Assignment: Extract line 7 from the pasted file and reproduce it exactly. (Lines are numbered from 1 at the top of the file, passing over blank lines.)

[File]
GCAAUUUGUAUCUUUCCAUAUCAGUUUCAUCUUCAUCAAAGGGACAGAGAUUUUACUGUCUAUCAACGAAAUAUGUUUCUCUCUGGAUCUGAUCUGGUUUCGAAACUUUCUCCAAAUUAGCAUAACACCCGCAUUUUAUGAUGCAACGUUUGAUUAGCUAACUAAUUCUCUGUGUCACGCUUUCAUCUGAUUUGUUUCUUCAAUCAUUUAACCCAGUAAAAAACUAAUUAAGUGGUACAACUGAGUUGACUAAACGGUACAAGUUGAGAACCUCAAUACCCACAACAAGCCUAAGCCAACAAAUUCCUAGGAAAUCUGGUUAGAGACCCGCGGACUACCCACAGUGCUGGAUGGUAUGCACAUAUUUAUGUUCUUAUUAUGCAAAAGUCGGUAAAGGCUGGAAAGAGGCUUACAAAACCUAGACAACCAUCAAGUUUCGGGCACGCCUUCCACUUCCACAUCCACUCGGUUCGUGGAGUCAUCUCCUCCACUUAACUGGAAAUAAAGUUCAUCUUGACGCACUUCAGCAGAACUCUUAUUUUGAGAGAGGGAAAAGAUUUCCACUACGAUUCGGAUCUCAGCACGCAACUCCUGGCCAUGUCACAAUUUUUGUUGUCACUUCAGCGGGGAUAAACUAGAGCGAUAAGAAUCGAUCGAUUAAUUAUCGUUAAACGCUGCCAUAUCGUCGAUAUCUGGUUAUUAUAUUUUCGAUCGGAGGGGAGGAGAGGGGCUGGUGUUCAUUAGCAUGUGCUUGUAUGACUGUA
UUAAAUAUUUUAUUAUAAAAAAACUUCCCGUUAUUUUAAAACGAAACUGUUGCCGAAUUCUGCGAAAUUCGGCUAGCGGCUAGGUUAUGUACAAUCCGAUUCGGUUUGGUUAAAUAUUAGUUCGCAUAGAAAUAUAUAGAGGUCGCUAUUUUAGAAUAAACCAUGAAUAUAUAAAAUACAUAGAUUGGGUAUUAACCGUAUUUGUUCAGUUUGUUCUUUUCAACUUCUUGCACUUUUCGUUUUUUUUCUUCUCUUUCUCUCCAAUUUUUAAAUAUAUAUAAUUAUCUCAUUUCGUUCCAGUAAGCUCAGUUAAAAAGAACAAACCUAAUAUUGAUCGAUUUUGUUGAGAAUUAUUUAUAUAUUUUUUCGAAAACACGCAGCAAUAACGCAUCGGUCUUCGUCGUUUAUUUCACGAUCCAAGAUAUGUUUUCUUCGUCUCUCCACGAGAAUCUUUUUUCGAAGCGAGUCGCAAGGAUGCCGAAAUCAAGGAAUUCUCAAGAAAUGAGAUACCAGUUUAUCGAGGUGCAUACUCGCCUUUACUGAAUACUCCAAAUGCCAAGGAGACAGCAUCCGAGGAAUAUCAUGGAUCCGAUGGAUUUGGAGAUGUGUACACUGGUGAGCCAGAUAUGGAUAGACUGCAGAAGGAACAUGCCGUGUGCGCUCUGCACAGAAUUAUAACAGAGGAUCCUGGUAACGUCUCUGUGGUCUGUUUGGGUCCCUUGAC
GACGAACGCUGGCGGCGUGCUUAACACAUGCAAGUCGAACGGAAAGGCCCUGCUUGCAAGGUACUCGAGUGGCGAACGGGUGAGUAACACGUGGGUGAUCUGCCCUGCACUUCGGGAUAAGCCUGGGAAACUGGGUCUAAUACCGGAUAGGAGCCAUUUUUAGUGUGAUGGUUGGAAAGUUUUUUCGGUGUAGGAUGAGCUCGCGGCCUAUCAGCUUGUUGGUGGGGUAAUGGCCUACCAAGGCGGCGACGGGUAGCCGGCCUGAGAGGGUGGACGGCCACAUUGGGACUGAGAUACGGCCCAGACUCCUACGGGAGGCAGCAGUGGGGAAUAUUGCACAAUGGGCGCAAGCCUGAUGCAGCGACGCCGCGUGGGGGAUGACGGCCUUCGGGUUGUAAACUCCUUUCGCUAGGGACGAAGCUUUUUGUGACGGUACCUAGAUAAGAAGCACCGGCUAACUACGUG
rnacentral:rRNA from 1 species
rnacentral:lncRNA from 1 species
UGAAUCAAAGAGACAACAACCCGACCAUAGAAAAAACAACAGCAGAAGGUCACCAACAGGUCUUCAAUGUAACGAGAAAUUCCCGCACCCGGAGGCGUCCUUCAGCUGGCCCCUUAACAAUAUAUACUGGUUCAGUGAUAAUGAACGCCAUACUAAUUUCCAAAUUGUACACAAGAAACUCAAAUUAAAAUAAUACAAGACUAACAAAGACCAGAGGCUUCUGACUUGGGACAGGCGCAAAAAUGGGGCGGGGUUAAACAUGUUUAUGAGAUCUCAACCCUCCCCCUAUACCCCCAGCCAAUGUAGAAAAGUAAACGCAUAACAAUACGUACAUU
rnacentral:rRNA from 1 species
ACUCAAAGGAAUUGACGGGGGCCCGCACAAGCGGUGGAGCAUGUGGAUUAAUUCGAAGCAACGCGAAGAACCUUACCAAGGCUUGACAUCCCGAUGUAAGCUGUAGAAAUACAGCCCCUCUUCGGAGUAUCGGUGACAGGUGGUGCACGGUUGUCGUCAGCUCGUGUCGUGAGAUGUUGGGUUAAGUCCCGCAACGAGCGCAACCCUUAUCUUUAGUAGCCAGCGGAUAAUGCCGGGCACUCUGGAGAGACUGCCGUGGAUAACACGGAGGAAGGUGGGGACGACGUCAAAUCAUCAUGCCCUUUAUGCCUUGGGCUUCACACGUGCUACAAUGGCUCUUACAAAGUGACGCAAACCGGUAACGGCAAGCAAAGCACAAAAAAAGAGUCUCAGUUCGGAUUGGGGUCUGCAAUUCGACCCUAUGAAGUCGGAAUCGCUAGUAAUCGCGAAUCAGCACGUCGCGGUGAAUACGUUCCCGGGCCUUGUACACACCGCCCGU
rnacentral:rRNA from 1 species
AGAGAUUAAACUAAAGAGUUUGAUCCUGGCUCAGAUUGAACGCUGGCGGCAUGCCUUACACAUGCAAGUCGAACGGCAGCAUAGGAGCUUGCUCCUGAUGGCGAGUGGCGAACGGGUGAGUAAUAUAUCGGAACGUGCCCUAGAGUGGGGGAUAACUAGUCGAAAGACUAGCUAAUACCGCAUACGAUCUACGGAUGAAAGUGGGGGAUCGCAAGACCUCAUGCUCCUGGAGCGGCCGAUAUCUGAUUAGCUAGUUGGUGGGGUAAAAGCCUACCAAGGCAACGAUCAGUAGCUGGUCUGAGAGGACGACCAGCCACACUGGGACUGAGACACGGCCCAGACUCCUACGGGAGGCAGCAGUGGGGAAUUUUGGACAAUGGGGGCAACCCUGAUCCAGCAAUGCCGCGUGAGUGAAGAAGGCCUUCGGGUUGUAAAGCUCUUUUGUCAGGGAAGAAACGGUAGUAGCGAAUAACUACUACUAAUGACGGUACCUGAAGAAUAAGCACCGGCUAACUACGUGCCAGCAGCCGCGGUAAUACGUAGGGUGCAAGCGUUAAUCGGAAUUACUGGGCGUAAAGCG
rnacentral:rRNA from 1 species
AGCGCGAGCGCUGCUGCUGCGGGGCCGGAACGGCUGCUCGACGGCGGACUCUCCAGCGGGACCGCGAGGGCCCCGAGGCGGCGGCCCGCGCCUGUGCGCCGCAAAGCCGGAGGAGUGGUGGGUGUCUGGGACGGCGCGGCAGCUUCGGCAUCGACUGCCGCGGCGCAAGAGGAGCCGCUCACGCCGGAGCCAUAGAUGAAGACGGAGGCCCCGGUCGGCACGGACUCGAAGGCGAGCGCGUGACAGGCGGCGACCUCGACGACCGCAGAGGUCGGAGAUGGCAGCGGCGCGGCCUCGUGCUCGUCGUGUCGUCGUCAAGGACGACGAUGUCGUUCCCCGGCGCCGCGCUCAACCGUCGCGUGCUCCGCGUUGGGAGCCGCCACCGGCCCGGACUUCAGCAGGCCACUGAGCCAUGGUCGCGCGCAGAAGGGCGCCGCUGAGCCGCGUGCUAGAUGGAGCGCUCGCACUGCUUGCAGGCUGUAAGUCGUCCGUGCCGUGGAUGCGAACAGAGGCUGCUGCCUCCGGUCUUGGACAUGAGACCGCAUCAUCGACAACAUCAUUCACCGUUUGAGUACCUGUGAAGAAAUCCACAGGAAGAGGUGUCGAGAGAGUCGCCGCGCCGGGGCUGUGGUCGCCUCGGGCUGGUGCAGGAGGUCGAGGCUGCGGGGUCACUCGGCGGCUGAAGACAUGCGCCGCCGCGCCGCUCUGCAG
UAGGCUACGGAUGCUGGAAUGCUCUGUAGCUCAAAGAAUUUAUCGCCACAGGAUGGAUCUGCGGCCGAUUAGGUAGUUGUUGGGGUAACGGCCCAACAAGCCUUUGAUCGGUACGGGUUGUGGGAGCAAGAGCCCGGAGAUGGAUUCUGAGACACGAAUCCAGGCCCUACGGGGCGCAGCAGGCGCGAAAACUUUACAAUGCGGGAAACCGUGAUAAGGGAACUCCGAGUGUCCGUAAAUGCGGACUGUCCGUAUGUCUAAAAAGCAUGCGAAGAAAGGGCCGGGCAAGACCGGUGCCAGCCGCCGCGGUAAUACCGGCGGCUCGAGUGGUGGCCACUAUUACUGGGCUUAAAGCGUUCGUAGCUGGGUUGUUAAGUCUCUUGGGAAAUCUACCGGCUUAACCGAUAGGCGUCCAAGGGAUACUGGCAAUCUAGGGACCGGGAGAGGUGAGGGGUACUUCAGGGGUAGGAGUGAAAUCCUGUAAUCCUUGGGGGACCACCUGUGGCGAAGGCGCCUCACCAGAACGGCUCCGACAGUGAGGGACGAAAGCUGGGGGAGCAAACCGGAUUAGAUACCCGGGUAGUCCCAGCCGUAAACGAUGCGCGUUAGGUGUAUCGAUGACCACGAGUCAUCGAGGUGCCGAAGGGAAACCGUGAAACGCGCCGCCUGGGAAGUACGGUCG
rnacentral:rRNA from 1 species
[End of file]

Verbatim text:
rnacentral:rRNA from 1 species